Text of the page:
Nursing Times blogger Martin Jones on emergency treatment and experiencing care from the patient’s point of view.
Eight days ago I went over the handlebar of my bicycle taking the full force of the fall on the palms of my hands and elbows. I’d been gazing across beautiful open countryside and totally failed to notice the steep rigid sleeping policeman that halted me so abruptly. Leaving behind some elbow skin and my dignity I cleaned up as best as you can in the men’s room of a nearby pub equipped with toilet paper and a hand dryer.
Eight days later my left hand continued to give me deep, sharp pain in the heel of the thumb. Changing into fifth or reverse gear while driving was especially aggravating, I couldn’t lift shopping bags and it wasn’t getting better. So at 7:30 on Monday morning I cycled to A&E at my local district general hospital.
Anticipating a long wait my spirits soared on seeing an empty waiting area. Within eight minutes I’d had next-of-kin details added to my file and been triaged. “Are you generally fit and well?” “Yes.” Back to waiting.
I’ve waited here before, mostly after my boys’ occasional sporting injuries. You know the scene: dispiriting ‘no-win-no-fee’ solicitors advertising, a tired-looking leaflet rack with seasonal flu vaccination information beside cautionary photographs of severely sun burnt skin and vending machines selling food and drink to cause despair in Dietetics, Cardiology and beyond.
I’ve always been a little in awe of A&E nurses: their adaptability, capability, practicality; their confidence born of having seen it all before and coped. During my general training it was my trauma block that left me most, well, traumatised. While student nurse colleagues patched up inattentive cyclists in A&E I was assigned to trauma orthopaedics. Here were the most critically sick people I had nursed. I was out of my depth, out of my comfort zone and terrified.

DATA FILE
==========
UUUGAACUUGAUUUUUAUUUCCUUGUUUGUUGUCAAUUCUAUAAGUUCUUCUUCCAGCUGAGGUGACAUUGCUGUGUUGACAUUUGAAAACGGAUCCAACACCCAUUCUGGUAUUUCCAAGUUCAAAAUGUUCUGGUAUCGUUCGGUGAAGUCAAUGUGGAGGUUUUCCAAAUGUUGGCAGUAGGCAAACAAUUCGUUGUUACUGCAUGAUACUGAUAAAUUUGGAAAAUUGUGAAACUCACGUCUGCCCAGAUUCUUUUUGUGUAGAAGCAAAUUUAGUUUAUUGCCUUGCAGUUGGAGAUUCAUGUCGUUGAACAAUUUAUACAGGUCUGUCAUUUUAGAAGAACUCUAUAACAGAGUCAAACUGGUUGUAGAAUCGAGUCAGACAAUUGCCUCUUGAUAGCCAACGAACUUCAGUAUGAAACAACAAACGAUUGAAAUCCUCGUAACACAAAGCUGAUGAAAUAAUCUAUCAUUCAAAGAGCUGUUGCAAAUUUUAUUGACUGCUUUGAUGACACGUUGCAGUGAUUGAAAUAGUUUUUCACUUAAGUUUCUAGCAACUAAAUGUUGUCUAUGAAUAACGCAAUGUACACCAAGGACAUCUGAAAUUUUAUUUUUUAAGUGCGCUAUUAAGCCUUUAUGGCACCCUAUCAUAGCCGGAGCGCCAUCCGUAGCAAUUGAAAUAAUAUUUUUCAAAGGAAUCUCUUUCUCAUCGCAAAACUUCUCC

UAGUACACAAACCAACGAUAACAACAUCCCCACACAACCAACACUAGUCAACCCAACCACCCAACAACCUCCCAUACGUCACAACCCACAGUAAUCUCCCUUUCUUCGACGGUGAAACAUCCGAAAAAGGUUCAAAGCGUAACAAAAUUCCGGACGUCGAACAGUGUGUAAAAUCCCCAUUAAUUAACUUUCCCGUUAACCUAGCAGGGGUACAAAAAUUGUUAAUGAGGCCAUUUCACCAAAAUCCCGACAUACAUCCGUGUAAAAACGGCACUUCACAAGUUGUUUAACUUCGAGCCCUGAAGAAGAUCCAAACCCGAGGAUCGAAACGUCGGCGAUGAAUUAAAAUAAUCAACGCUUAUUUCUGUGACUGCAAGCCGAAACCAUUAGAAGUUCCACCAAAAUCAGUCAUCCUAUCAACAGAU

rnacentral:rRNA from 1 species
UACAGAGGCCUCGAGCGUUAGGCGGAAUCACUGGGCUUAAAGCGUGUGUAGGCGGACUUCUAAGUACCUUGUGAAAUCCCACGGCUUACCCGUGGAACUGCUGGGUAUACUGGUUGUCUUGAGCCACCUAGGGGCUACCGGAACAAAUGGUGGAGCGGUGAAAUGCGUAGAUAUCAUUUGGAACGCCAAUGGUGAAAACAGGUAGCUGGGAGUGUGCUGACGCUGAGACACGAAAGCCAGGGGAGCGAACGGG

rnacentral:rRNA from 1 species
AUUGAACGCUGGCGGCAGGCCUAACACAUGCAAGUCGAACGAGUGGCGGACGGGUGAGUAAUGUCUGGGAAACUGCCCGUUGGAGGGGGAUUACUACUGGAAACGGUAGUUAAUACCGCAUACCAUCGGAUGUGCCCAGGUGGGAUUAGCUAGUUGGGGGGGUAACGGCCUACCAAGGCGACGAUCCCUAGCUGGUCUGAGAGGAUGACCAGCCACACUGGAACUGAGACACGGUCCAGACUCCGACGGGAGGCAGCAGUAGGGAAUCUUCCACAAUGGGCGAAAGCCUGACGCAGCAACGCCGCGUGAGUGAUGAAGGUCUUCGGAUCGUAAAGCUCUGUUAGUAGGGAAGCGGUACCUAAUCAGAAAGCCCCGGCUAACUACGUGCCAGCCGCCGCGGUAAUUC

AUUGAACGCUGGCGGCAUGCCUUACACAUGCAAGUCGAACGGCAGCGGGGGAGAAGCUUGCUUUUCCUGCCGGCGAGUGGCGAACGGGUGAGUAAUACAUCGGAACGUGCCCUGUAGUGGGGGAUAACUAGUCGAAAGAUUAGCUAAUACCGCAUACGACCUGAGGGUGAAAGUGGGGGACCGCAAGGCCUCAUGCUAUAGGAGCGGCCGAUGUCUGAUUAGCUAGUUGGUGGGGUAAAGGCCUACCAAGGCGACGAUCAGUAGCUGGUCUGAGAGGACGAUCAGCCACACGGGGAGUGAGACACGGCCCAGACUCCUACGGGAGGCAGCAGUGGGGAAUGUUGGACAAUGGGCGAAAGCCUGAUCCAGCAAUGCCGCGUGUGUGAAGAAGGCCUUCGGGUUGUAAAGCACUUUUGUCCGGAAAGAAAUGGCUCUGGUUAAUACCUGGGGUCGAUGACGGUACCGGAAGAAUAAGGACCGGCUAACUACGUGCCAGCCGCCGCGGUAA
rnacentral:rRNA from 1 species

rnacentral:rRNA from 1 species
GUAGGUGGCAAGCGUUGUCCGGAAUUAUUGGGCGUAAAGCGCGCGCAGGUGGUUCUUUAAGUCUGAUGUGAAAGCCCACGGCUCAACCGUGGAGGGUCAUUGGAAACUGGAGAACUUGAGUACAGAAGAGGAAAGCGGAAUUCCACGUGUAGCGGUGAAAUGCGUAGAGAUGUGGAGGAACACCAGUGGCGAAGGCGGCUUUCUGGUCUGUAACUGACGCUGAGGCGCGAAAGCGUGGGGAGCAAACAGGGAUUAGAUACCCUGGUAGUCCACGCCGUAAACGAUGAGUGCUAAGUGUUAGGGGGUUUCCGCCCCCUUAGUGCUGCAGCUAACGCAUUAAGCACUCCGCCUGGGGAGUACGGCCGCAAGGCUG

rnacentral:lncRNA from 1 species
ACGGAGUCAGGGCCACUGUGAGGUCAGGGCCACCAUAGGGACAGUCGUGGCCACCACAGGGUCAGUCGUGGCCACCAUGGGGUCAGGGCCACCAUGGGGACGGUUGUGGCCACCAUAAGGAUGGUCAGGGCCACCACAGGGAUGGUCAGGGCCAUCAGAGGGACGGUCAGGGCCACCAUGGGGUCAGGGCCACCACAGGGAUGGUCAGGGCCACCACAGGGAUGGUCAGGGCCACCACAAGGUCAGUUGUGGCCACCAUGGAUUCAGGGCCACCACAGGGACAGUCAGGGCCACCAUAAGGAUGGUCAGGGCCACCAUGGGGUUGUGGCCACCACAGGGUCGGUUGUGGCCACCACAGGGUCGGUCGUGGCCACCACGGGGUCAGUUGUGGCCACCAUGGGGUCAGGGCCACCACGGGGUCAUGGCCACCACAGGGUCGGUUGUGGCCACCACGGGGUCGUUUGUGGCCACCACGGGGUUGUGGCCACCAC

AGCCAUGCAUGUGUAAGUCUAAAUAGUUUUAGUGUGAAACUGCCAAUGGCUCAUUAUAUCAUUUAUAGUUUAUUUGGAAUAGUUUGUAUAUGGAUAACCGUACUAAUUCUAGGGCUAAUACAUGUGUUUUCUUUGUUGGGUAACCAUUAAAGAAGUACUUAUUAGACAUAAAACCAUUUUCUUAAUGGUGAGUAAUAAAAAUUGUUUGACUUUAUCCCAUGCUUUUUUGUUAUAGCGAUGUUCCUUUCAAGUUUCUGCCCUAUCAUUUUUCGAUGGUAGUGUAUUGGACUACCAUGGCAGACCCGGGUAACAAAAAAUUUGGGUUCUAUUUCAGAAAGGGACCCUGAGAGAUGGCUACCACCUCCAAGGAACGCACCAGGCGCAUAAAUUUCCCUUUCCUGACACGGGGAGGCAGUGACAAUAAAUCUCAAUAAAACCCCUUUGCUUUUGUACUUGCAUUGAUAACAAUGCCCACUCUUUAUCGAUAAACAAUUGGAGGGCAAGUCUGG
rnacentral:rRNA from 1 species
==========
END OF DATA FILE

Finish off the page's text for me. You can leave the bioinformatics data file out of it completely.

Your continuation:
Half an hour later a charge nurse was examining me and ordering an x-ray whose results he discussed within the hour. “Nothing broken, take ibuprofen.” Declining this on the grounds of recent treatment for heliobacter pylori. I was chided as my ‘past medical history’ box stated ‘none’. Surely nobody had asked… Ah that earlier triage question, “… generally fit and well?” “Yes.”
There’s always something to be learnt when nurses use the health service. Today’s reflection is on the routine questions that I ask, the way that I ask them and how I interpret the answers.
All in all, an excellent service where I turned up unannounced was assessed, x-rayed, reassured, advised and discharged in an hour and a quarter. I picked up some ibuprofen gel on my ride home. When you need it, isn’t the NHS brilliant?
About the author
Martin Jones, Clinical Nurse Specialist HIV, East Sussex Downs & Weald.
Martin Jones has worked in sexual health and HIV since 1986.